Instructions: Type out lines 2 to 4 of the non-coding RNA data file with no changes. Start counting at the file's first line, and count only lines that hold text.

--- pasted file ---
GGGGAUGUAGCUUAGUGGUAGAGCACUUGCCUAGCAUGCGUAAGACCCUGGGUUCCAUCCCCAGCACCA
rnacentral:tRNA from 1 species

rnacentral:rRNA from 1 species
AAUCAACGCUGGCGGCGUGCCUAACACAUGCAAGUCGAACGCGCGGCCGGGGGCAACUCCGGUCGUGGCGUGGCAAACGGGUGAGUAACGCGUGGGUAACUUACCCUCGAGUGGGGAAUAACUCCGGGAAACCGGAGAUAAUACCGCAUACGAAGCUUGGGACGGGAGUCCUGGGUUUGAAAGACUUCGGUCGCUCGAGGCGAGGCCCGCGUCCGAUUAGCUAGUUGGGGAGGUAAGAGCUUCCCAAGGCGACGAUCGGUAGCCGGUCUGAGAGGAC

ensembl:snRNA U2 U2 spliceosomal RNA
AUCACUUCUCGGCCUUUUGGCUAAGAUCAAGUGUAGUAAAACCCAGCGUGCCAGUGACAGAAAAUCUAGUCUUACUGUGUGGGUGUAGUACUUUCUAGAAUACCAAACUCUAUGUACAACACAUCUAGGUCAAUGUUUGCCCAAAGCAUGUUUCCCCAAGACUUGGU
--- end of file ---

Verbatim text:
rnacentral:tRNA from 1 species

rnacentral:rRNA from 1 species
AAUCAACGCUGGCGGCGUGCCUAACACAUGCAAGUCGAACGCGCGGCCGGGGGCAACUCCGGUCGUGGCGUGGCAAACGGGUGAGUAACGCGUGGGUAACUUACCCUCGAGUGGGGAAUAACUCCGGGAAACCGGAGAUAAUACCGCAUACGAAGCUUGGGACGGGAGUCCUGGGUUUGAAAGACUUCGGUCGCUCGAGGCGAGGCCCGCGUCCGAUUAGCUAGUUGGGGAGGUAAGAGCUUCCCAAGGCGACGAUCGGUAGCCGGUCUGAGAGGAC